The webpage states that the risk of computer viruses is higher if they accept electronic submissions. My answer to that is also simple - get some good virus protection software, multiply-redundant layers of protection, or as Scalzi suggests, simply require the submission to be pasted into the body of an email (there are potential problems with this using Word, however, but I get around that by cutting & pasting and then saving the document in Notepad) use a form submission system such as PseudoPod does or as a special submission message like Orson Scott Card's Intergalactic Medicine Show does. Running a computer of any type today without some kind of virus protection is simply inexcusable and begging for attack. Several of the major players in the email markets today also have auto-scanners built into their email software (I know Yahoo mail has this, for example).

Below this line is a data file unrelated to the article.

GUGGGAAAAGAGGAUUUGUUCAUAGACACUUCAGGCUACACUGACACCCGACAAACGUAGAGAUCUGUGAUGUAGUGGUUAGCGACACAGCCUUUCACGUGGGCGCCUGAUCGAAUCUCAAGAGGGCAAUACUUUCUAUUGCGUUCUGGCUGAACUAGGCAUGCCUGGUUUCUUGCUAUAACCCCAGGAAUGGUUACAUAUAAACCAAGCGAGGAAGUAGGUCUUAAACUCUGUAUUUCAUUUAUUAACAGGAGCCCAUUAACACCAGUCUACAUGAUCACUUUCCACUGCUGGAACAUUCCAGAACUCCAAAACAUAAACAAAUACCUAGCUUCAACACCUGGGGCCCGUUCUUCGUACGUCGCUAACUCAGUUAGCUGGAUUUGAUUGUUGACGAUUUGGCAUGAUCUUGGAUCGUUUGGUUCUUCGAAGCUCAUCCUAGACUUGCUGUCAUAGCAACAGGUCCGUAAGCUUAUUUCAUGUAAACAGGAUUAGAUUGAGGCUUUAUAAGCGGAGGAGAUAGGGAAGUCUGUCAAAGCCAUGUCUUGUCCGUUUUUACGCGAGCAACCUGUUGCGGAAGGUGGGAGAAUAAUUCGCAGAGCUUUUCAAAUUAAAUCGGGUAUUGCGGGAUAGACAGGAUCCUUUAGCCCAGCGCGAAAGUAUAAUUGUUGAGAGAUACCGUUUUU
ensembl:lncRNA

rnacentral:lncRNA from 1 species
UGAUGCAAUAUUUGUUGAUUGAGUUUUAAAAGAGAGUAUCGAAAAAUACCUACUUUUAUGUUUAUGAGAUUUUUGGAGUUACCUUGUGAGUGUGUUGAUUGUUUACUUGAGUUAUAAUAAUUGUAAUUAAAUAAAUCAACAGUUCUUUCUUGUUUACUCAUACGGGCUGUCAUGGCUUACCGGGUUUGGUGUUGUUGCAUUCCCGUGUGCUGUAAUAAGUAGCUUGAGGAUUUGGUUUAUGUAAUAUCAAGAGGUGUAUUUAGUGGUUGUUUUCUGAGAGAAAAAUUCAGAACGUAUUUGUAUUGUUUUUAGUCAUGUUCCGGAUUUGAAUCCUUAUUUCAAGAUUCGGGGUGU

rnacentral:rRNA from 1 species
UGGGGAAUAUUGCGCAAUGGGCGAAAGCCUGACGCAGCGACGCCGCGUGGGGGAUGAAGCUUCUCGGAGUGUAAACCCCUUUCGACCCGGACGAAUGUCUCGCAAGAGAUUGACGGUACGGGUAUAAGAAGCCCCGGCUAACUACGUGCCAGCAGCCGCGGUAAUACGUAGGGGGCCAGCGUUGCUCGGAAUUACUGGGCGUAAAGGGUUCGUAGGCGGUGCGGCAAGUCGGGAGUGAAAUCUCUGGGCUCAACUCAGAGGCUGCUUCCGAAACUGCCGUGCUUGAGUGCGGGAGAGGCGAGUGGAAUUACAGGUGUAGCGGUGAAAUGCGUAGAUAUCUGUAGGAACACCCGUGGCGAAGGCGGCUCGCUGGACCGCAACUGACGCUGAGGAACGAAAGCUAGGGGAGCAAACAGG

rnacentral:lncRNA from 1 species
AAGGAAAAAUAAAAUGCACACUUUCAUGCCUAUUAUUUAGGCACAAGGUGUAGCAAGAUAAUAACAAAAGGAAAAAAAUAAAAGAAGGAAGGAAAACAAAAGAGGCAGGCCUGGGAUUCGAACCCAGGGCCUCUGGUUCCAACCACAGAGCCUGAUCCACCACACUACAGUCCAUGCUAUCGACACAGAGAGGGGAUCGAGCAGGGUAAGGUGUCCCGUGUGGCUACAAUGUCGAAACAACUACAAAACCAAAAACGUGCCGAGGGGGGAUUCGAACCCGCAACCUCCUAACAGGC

F&SF states that the editor doesn't like reading on the computer screen. Well, what the heck does he think the people submitting to his magazine are doing every single day for hour upon hour? I'd bet he has a Kindle or a Palm or some other type of PDA. How's he like reading that? My Palm is very convenient to read with. I can even edit documents right on screen using it. The newer iPhones and Blackberries all have easy-to-read screens and built-in editing tools.
They say that's it's inconvenient to pass an electronic document around in their their office. Does the office need a computer or networking update? My Palm, my Blackberry, and any of my computers will send data to my computer, my Blackberry, or my Palm with at most a few keystrokes. My desktop and my 2 laptops and my mother's laptop can all share documents in the blink of an eye on my home network. Hire an intern to network your office machines and teach your office personnel how to use your devices more efficiently. That's my solution for your inconvenient problem.